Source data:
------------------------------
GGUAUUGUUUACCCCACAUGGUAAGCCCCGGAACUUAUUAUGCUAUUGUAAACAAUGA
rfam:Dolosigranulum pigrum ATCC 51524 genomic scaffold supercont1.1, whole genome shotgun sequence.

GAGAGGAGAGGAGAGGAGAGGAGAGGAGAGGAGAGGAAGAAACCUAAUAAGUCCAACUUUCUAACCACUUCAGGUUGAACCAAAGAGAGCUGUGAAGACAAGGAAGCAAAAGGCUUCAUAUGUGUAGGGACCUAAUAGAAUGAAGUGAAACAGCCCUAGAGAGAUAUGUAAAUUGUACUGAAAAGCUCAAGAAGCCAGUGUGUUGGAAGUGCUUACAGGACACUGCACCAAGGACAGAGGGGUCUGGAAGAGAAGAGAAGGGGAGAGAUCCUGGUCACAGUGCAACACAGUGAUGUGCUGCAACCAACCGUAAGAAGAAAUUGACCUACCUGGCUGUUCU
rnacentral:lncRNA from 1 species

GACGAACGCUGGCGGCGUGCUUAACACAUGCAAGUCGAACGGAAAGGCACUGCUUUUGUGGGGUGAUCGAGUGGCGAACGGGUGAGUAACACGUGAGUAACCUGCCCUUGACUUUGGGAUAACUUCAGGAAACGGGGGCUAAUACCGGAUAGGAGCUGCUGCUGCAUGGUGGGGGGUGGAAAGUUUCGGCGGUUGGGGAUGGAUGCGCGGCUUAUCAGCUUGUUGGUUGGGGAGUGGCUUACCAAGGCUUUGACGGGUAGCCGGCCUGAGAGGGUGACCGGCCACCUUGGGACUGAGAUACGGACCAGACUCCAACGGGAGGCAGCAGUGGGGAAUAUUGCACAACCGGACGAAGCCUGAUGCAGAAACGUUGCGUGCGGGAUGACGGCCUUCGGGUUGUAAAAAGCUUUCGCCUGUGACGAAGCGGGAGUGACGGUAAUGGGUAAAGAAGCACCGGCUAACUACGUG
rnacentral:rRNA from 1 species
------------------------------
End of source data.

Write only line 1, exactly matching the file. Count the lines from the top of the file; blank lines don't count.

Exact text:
GGUAUUGUUUACCCCACAUGGUAAGCCCCGGAACUUAUUAUGCUAUUGUAAACAAUGA